Persepolis

630 WordsSep 14, 20153 Pages
Persepolis Essay Pesepolis is an autobiographical graphic novel depicting the life of Marjane Satrapi during the Iranian Revolution. In the early pages, Marjane illustrates that she saw herself as a prophet. She wanted to change the world, and with the help of God, she thought that she could. During Satrapi’s early childhood, the traditions and history of Iran had been going through drastic changes. The Iranian Revolution was when Iran’s monarchy under Shah Mohammad Reza Pahlavi was overthrown and replaced with an Islamic republic under Ayatollah Ruhollah Khomeini who led the revolution. ii Persepolis is framed during 1979 and after the Iranian Revolution. The Shah of Persia was overthrown and eventually replaced by an Islamist…show more content…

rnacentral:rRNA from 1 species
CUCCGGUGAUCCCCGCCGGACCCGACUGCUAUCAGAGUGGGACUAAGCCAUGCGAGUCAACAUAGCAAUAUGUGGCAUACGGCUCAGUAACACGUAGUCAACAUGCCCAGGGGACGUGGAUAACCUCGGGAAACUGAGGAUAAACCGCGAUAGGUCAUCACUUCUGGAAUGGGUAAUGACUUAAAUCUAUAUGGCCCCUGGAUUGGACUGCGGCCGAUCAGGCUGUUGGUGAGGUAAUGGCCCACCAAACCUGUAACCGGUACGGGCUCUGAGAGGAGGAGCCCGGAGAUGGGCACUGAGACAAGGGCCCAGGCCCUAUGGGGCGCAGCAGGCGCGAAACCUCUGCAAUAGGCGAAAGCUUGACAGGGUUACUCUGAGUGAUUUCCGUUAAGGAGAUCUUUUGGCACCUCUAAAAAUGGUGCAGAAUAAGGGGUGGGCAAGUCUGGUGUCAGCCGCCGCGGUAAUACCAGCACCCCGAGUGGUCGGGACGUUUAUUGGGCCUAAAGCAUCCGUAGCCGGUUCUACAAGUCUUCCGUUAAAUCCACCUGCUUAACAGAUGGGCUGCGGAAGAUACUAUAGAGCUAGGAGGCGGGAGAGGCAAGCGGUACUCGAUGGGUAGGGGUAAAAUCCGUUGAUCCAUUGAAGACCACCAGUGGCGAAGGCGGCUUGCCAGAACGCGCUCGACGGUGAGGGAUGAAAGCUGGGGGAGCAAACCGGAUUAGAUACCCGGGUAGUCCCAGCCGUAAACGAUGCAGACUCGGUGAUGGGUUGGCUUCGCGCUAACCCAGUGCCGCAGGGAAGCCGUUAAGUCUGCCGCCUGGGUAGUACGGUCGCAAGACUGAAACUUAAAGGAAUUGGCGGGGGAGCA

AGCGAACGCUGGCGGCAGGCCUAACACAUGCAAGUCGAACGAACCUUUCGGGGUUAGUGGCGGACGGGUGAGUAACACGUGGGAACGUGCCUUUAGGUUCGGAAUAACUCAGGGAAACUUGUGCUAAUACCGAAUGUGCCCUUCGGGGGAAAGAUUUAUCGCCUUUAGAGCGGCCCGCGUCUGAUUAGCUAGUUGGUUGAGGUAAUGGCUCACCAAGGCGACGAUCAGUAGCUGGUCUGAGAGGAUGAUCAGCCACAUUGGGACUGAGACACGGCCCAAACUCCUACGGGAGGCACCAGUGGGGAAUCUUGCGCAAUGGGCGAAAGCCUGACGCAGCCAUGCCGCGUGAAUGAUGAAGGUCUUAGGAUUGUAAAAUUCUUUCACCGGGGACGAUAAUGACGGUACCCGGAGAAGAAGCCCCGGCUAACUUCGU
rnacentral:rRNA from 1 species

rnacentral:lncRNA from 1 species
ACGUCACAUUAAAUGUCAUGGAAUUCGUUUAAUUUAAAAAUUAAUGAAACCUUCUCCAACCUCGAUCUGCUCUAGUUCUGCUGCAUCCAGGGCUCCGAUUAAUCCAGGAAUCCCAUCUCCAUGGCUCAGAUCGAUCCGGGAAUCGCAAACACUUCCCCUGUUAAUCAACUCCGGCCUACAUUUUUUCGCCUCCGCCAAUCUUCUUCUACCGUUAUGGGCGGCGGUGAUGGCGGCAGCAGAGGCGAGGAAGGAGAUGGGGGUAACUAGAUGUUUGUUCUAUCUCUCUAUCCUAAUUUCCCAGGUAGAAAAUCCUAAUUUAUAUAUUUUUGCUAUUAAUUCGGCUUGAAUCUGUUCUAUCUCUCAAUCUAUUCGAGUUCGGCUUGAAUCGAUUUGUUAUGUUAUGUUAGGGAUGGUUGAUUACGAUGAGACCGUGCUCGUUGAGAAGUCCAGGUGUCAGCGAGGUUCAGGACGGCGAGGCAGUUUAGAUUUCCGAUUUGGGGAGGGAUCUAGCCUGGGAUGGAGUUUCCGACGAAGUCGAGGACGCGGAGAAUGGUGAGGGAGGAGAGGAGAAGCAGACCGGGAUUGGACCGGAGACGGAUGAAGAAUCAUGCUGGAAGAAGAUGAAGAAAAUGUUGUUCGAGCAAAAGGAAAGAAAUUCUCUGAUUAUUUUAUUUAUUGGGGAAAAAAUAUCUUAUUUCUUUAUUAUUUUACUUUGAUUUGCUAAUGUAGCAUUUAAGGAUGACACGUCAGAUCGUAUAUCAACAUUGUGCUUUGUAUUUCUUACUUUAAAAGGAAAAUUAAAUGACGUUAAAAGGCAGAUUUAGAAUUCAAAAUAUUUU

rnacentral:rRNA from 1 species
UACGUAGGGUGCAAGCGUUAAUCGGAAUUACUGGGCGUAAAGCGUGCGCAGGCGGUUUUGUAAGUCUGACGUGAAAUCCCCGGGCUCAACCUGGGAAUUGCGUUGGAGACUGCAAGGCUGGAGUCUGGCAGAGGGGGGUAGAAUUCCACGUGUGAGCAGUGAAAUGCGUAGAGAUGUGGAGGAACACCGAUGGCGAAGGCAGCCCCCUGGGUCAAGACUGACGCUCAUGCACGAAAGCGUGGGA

In the novel they discuss many events that occurred during the revolution. The government shut down the U.S. embassy and the universities, all women were forced to wear the veil and Iraqi fighter jets bombed Tehran.iii When her parents travel to Turkey they break the law by smuggling posters in her father’s jacket. If the government knew what her family did, her parents would have been arrested. Marji's family also drinks and throws parties, which is illegal and continues with their dangerous conduct because they enjoy it. Just because the Shah has made it illegal does not stop her parent’s actions. Eventually, Marji’s mother’s pessimism won out over her father’s optimism. The Iraqis had missiles and the Tehran became the target. Marji's role in life changes drastically throughout the novel. In the beginning, as a young child, Marji believes that she is a prophet. As the story progresses and they the revolution continues, Marji begins to feel dismay towards the revolution and towards God. Later in the novel, Marji’s mother also feels sadness. Her former revolutionary spirit is gone and replaced with fear. When Marji’s principal calls the house to complain that Marji disrespected of the teachers, her mother in the past would have been proud, but this time around she fears for her daughter and goes on to explain the things that happen to girls in Iranian prison. Her mother had given up optimism and established that war
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